Video Washington to Pyongyang: 'Shut This Evil System Down'

U.S. Secretary of State John Kerry is calling on North Korea to shut down prison camps and other human rights abuses following a United Nations Commission of Inquiry into "widespread and systematic human rights violations." VOA State Department Correspondent Scott Stearns reports from the United Nations.
Video

Video US, Gulf Allies Strike Islamic State Militants in Syria

United States forces have carried out strikes against Islamic State or ISIL militant positions in Syria - the first time Western forces have taken action on Syrian soil. Five U.S. allies from the Gulf joined the military action. Local reports suggest dozens of militants were killed. The U.S. also carried out unilateral missile strikes against a Syria-based terror group which Washington says poses an imminent threat to the West. Henry Ridgwell reports from London.
Video

Video High Intensity Focused Ultrasound Used to Kill Cancer Tumor

There is a new way of killing certain cancer tumors that allows the patient to go home on the same day. Surgeons at the Keck Medical Center of the University of Southern California became the first doctors to use this procedure on a patient with the help of high intensity focused ultrasound, or HIFU, and new robotic technology. Elizabeth Lee reports from Los Angeles.
Video

Video USAID Provides $231 Million for Girls Education in Five Countries

Hollywood stars Alicia Keys, Jennifer Garner and 30 others have voiced their support for a U.S.-backed initiative called "Let Girls Learn." The $231 million program, funded by the U.S. Agency for International Development, is aimed at ensuring public and quality education for girls worldwide. As VOA's Mariama Diallo reports, this new program will focus on five countries in Africa, South Asia, Latin America and the Middle East.
Video

Video UN: Relocation of Bedouins in Israel Weakens Two-state Solution

Rural Bedouins living in disputed lands east of Jerusalem could soon find themselves forcibly relocated. VOA's Sharon Behn reports from Jerusalem that while Israel defends the move as in the Bedouins’ best interests, the United Nations says the plan threatens the survival of the two-state solution with Palestinians.
Video

Video NASA’s MAVEN Probe Enters Mars Orbit

NASA’s newest Mars probe, called MAVEN, has successfully entered its designated orbit around the Red Planet. Scientists will use its sophisticated instruments to try to learn what happened to the atmosphere Mars had a few billion years ago. VOA’s George Putic has more.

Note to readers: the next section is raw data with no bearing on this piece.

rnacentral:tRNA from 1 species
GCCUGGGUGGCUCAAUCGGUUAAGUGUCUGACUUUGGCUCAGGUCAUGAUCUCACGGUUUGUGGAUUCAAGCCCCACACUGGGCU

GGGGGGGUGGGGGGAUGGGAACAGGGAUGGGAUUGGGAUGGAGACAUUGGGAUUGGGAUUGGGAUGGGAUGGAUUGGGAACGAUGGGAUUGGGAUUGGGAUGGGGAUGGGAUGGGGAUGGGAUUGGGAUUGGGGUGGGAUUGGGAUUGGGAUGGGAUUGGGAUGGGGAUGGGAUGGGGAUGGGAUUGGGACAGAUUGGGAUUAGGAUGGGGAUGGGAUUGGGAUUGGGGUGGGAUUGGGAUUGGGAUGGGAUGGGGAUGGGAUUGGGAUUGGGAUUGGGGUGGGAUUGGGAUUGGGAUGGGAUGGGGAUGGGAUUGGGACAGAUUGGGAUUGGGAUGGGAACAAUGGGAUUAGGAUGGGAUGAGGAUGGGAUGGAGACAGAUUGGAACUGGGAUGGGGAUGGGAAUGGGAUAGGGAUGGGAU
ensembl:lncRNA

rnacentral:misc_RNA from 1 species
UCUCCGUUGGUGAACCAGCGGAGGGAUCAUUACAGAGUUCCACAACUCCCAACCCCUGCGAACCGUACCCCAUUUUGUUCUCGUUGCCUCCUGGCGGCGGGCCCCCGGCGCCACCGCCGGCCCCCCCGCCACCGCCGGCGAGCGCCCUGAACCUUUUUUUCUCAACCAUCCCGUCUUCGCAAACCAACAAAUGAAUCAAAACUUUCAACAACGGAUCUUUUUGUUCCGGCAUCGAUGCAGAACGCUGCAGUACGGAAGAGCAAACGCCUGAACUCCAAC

Video

Video Prolonged Drought Plagues SW Oklahoma Farmers

Parts of western Texas and southwestern Oklahoma have been in drought conditions for several years running and the deficit in rainfall has taken a heavy toll on cotton and grain production. Oklahoma Governor Mary Fallin says the state has suffered $2 billion in agricultural losses since 2011. There has been rain in recent weeks, but, as VOA’s Greg Flakus reports from Altus, Oklahoma, for most farmers it has been too late.
Video

Video For West Ukraine City, Conflict Far Away Yet Near

The western Ukrainian city of Lviv prides itself on being both physically and culturally close to Western Europe. The Russian-backed separatists in the eastern part of the country are 1,200 kilometers away, and seemingly even farther away in their world view. Still, as VOA’s Al Pessin reports, the war is having an impact in Lviv.
Video

Video Saving Global Fish Stocks Starts in the Kitchen

With an estimated 90 percent of the world’s larger fish populations having already vanished, a growing number of people in the seafood industry are embracing the concept of sustainable fishing and farming practices. One American marine biologist turned restaurateur in Thailand is spreading the word among fellow chefs and customers. VOA Correspondent Steve Herman reports from Bangkok.
Video

Video Chinese Admiral Key in China’s Promotion of Sea Links

China’s President last week wrapped up landmark visits to India, Sri Lanka and Maldives, part of a broader campaign to promote a new “Maritime Silk Road” in Asia. The Chinese government’s promotion efforts rely heavily on the country’s best-known sailor, a 15th century eunuch named Zheng He. VOA's Bill Ide reports from the sailor’s hometown in Yunnan on the effort to promote China’s future by recalling its past.
Video

Video Experts Fear Ebola Outbreak ‘Beyond Our Capability to Contain’

Each day brings with it new warnings about the deadly Ebola outbreak already blamed for killing more than 2,600 people across West Africa. And while countries and international organizations like the United Nations are starting to come through on promises of help for those most affected, the unprecedented speed with which the virus has spread is raising questions about the international response. VOA's Jeff Seldin has more from Washington.
Video

Video Migrants Caught in No-Man's Land Called Calais

The deaths of hundreds of migrants in the Mediterranean this week has only recast the spotlight on the perils of reaching Europe. And for those forunate enough to reach a place like Calais, France, only find that their problems aren't over. Lisa Bryant has the story.
Colonel Steve ‘Spiros’ Pisanos left Greece and came to the U.S. to learn to fly. He flew fighters for the Allies in World War II, narrowly escaping death multiple times.Colonel Steve ‘Spiros’ Pisanos left Greece and came to the U.S. to learn to fly. He flew fighters for the Allies in World War II, narrowly escaping death multiple times.

AppleAndroid

World Currencies

EUR
USD
0.7768
JPY
USD
108.84
GBP
USD
0.6124
CAD
USD
1.0999
INR
USD
61.042

Rates may not be current.